Last night, I joined an expert group of women on HuffPost Live to talk about Warren Buffett’s Fortune article on the importance of women’s full inclusion into American business, politics, and leadership. Put simply, Buffett argues that women are essential to American growth and success, representing half of the population that has been underutilized (“relegated to the sidelines”) for too long. Stifling half of the country’s talent is not only unethical, he writes, but is also bad business. And, as we know at the Center for American Women and Politics, under-representation of women in political offices is bad for democracy and governance. Our research shows that women bring unique voices to government, as voters, advocates, and elected officials. When in office, women prioritize different issues, build upon unique experiences, and often take a more inclusive and collaborative approach to Women in Congress Pie_Webgoverning. In the current political environment, it’s women who have provided at least some hope of breaking the paralysis that has characterized our nation’s capital. And, with women still representing less than 20% of Congress and under a quarter of state legislative posts, we have significant “human capacity,” in Buffett’s terms, left to be tapped. How do we capitalize on women’s capacity to lead? Buffett calls on his male colleagues to “get on board” with gender parity, but also urges women not to doubt their abilities nor give in to structural or self-imposed barriers to advancement. There is a symbiotic relationship between structural barriers and self-doubt, however, where women’s experiences with (or within) male-dominated institutions make it hard for them to view themselves as equal players in what remains a man’s world. The change that fuels Buffett’s optimism for the future is reliant on disrupting masculine dominance in public life, and that means altering long-held images of and expectations for public leadership. Buffett describes how, as a young man in the 1940s and 1950s, his floor for professional success was the ceiling for his sisters. In other words, society’s expectations for boys were not only greater than those expectations for girls, but women faced structural barriers that halted their path to leadership before they could even dare to see themselves as heads of communities, companies, or countries. Buffett is right to note that those structural barriers are eroding, but societal expectations of how leaders look and act still fall heavily into a male mold. CAWP has recently launched Teach a Girl to Lead, a campaign meant to change those expectations among boys and girls so that the idea of women’s leadership is not extraordinary, but ordinary – and essential. If we are to be as optimistic as Warren Buffett is about America’s future, we know that it’s imperative that future generations of girls and women not only see themselves as public leaders, but help to shatter the glass ceilings that remain in politics and government. That’s not only good for democracy, but it's also best for our country’s bottom line.

Gaining Momentum? Taking stock on International Women’s Day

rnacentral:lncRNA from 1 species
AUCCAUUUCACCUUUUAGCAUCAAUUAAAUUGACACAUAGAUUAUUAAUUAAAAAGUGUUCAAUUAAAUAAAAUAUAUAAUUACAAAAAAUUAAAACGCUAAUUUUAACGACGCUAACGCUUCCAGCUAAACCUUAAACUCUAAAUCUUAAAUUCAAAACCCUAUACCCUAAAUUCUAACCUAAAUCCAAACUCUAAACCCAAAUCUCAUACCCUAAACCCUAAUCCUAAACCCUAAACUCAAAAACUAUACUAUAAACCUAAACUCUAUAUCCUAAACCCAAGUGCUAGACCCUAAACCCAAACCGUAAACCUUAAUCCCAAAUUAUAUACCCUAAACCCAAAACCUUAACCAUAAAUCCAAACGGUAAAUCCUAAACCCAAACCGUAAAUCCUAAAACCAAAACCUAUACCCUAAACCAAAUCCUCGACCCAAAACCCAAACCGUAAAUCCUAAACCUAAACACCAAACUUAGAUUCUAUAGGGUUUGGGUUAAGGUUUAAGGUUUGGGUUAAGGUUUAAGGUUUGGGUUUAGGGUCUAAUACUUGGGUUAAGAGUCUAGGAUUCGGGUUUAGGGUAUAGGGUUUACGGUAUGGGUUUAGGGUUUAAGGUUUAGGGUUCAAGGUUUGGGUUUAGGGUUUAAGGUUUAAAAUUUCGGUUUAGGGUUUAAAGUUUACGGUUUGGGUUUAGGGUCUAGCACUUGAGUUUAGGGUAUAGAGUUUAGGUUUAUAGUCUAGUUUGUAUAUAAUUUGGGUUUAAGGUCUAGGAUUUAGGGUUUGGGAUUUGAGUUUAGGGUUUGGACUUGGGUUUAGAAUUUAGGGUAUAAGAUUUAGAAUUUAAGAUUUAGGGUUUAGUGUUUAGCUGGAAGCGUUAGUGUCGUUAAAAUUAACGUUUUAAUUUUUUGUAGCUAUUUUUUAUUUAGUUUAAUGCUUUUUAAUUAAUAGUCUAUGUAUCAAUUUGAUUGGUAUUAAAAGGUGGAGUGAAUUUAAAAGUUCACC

This year’s theme for International Women’s Day is “The Gender Agenda: Gaining Momentum.” Global organizers provide this overview for the celebration’s focus: Over time and distance, the equal rights of women have progressed. We celebrate the achievements of women while remaining vigilant and tenacious for further sustainable change. There is global momentum for championing women's equality. iwd_squareWhen it comes to women’s equitable political representation, the United States needs greater momentum to catch up to most of the world. Today, the United States ranks 77th in the world for women’s parliamentary representation. Accounting for ties, 91 countries actually top the U.S. in the proportion of women in national legislative posts. And, the pace of change in women’s congressional representation in the U.S. over the past decade has been slower than the increases in women’s global parliamentary presence. Some argue that advancing gender equality at all levels will pave the way to women’s leadership at the highest echelons of power, including head of state. But, of course, the momentum for change can come from the top down: many hope that female heads of state will both champion and inspire women’s equality. Most likely, the possibilities for advancement move in both directions. Seventeen women serve as heads of state in 2013. Sixty-nine women (from 46 countries) have acted as their country’s presidents or prime ministers, and almost half of those women took office in the past decade. Unfortunately, we cannot count the United States among them. While it is too simplistic to assume female heads of state will  fix gender inequity in their respective countries, one need only watch Australian Prime Minister Gillard’s recent floor speech on sexism and misogyny to see the benefit of a woman’s voice taken seriously in governmental debates – not only on policy issues, but on institutional norms and processes. As we celebrate the “global momentum for championing women’s equality” today, we should consider how to encourage greater momentum toward women’s political equality at home and abroad. For the United States, that means rejecting complacency about our unimpressive rankings for women’s political leadership and looking to our friends throughout the globe for inspiration on how (and why) to increase women’s political representation at all levels of government. For CAWP's ideas on how to celebrate International Women's Day, click here.